A librarian who spent his life frugally surrounded by his beloved books and who willed his surprising fortune to his school would be delighted to learn that some of it is going towards a hugely expensive football scoreboard. Delighted? Maybe delighted is the wrong word.
Robert Morin was 77 years old when he died in the spring of 2015, after he spent a 50-year career at University of New Hampshire’s Dimond Library. His will revealed that he had amassed a staggering $4 million fortune, mainly by eating frozen dinners, driving a 1992 Plymouth, and eating a regular breakfast of Fritos and Coke, according to the Boston Globe. His obituary reveals that he’s survived by his two brothers and requested no public funeral services.
A university spokesperson told the New Hampshire Union Leader that Morin, who worked as a cataloguer in the library, was reading, in chronological order, “every book published in the United States from 1930 to 1940, excluding children’s books, textbooks and books about cooking and technology.” He had reached 1938, the year of his birth, when he died. He loved videos too, watching some 22,000 tapes between 1979 and 1997.
So what better way to celebrate a modest life of quiet pleasures than with a giant, honking scoreboard? UNH announced that it will spend $1 million of the librarian’s money on that, with the addendum that Morin got really into football in the year before he died: “In the last 15 months of his life, Morin lived in an assisted living center where he started watching football games on television, mastering the rules and names of the players and teams.” UNH recently spent $25 million remodeling the football stadium.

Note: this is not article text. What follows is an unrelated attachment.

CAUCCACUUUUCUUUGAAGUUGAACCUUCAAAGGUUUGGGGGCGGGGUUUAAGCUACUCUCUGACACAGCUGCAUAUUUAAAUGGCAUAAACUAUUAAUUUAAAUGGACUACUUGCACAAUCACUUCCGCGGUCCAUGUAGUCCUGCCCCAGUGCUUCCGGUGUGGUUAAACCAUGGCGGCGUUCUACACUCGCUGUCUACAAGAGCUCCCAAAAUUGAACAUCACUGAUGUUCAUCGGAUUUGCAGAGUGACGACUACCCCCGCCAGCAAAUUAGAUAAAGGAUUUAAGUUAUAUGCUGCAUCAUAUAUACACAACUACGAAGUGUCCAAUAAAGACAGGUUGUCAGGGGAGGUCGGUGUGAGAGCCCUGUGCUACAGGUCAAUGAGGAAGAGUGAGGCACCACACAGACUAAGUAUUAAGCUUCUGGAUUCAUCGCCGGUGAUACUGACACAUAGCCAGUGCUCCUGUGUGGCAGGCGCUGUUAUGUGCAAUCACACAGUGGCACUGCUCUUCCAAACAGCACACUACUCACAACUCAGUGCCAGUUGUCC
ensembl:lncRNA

Besides the scoreboard, the school says it will spend $2.5 million of Morin’s money on an expanded student center. Morin specially requested that $100,000 go the library; that will be spent on scholarships for work-study students, support for staff members earning library science degrees, and help renovate one of the multimedia rooms there.
It’s certainly a technically permissible use of Morin’s money, but as NPR reports, the school is being criticized for deeply missing the point of a selfless gift. In an editorial, alumna Claire Cortese called the allocation of Morin’s money a shameful waste, pointing out all the other things on campus that are in need of a cash infusion besides sportsball:
Excuse me, UNH administration, did you know that the photography department has not had reliable water in their darkroom for a whole year now? Or has anyone else noticed that there is not enough fair parking on campus? (But why would they ever fix that, seeing as the university literally rakes in hundreds of thousands of dollars every year issuing parking tickets to students?)
In the 2015-2016 school year, all UNH student publications went on the chopping block and received massive budget cuts that will most likely put some of them entirely out of commission in the coming years.
More outraged responses can be found on UNH’s Facebook page, where alumni have many thoughts on using the book man’s money for a fucking scoreboard.